*360 We do not find that the rationale underlying the single publication rule applicable to the Fair Credit Reporting Act. The major harm may, indeed, result from the first transmission of defamatory material to an institution, but the confidential nature of a credit report necessarily means that each new issuance results in a distinct and separate inquiry.... [E]ach transmission of the same credit report is a separate and distinct tort to which a separate statute of limitations applies. The failure of the consumer to mitigate his damages by filing suit when he is first injured, thus permitting a more widespread circulation of the credit information, should have a "bearing [only] on the [calculation of] damages."
Id. (quoting Restatement of Torts 2d § 577A).
Further, in Ryan, the plaintiff had not pled a single specific action or violation committed by defendant during the relevant time period, or there was no claim of attempted contact of the defendant during that time. Ryan, 2000 WL 1100440, at *5. The court in Ryan held that the consumer had to show both that the defendant had received a CDV within the relevant statute of limitations and also that the defendant had failed to investigate properly and/or failed to correct the disputed information. Ryan never reached the issue of republication in relation to the statute of limitations, and it did not conclude that aged inaccurate information absolves an information provider from investigating and correcting after the statute's effective date. Id. at *7. In Ryan, had the plaintiff been able to show violations after September 1, 1997, regardless of when defendant's error had first occurred, the statute of limitations would not have barred his claim. This court believes the fifth circuit reasoning makes sense and should be applied to the facts of this case.
Here, Mr. Jaramillo alleges that National City has violated the FCRA by reporting inaccurate information to various credit reporting agencies, including defendants Experian and CBA. (Compl.¶ 18.) While the complaint does not specify the particular dates on which National City reported, it does specify that Experian and CBA published the inaccurate information within the two year statute of limitations specifically, on February 24, 1998, December 1998, and March 13, 1999. (Compl.¶ 16.) Further, it specifies the dates within the statutory period on which Mr. Jaramillo disputed the inaccurate information with Experian and CBAMarch 1998, May 1998, January 1999, and April 1999. (Compl.¶ 14.) It is unreasonable to expect that Mr. Jaramillo would have knowledge, at the pleading stage of the litigation, of the specific dates on which National City reported the inaccurate information to the credit reporting agencies. The assertion that those companies published the inaccurate information within the statutory period suffices, at this stage, to establish the claim that National City continued to report that information to them within the statutory period, regardless of whether it had begun reporting prior to the two year statute of limitations.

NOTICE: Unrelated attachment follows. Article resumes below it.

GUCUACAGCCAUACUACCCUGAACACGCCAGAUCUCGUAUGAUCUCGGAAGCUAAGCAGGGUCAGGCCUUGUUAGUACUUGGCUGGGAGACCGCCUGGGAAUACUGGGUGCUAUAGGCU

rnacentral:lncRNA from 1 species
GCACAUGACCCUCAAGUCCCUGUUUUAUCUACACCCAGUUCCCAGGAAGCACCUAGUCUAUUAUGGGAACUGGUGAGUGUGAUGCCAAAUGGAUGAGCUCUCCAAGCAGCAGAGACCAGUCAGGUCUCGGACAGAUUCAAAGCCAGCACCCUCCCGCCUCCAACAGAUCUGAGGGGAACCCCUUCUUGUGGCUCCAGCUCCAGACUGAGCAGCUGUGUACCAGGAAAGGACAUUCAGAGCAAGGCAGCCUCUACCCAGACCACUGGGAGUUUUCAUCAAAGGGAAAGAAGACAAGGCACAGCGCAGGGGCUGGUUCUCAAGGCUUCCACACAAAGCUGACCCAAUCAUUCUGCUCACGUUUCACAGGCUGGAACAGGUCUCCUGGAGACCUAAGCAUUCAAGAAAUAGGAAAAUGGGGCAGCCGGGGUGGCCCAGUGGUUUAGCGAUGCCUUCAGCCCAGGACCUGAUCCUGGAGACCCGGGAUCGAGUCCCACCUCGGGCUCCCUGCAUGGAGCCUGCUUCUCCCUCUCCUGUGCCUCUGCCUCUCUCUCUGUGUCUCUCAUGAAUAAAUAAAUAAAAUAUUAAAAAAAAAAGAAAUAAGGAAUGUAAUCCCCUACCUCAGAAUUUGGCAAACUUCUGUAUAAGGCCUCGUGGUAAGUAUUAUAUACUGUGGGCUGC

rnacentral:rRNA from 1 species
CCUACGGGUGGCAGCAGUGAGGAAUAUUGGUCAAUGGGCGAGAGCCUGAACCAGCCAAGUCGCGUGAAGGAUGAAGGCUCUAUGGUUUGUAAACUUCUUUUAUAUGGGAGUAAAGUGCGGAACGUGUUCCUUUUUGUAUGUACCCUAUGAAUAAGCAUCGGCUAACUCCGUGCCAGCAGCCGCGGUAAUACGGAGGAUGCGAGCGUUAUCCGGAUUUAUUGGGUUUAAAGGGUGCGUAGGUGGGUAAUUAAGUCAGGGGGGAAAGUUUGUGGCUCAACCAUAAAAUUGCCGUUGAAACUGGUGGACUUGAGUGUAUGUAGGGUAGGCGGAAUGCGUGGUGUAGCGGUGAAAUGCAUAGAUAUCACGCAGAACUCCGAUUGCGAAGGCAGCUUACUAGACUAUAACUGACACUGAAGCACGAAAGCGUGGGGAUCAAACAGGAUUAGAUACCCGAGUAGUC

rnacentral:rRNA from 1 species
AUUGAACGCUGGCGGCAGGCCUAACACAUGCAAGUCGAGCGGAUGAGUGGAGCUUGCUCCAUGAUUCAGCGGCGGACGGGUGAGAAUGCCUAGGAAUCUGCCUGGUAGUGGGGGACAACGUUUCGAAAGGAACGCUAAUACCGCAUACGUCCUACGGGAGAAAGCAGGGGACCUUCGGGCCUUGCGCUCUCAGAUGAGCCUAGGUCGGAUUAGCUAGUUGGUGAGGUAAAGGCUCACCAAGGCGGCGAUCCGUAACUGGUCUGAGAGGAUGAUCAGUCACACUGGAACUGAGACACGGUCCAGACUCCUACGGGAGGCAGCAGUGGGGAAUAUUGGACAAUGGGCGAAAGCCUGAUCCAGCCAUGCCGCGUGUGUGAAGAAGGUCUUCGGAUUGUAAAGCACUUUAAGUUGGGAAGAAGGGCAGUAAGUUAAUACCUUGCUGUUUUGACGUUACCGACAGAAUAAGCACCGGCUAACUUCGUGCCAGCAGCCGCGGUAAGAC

2. Defamation Claim
National City also argues that plaintiff's defamation claim, with its one year statute of limitations, 42 Pa. S.C. § 5523, should be dismissed, because the latest date which plaintiff alleges that Experian and CBA published inaccurate information about plaintiff, April 1999, occurred more than one year before plaintiff filed his complaint, on November 17, 2000. (Nat. City Mot. to Dismiss, at 4-5.) As discussed supra, this argument is premature. *361 While Mr. Jaramillo has alleged that Experian and CBA last published inaccurate information in April 1999, it is impossible for him to have known, at the time he filed the complaint, the last date on which National City reported such inaccurate information to credit reporting agencies. Only after this date is made known to plaintiff through discovery, will the court be able to consider a statute of limitations argument to dismiss. At this stage, plaintiff's pleading that National City "continued to report the derogatory information," (Compl. ¶ 18), survives the statute of limitations argument in National City's motion to dismiss.
B. Plaintiff's CPL Claim Against National City is Preempted by the FCRA.
National City also argues that plaintiff's CPL claim is preempted by the FCRA because, as the statute provides, "[n]o requirement or prohibition may be imposed under the laws of any State with respect to any subject matter regulated under section 1681s-2 of this title, relating to the responsibilities of persons who furnish information to consumer reporting agencies...." 15 U.S.C. § 1681t(b) (1) (F).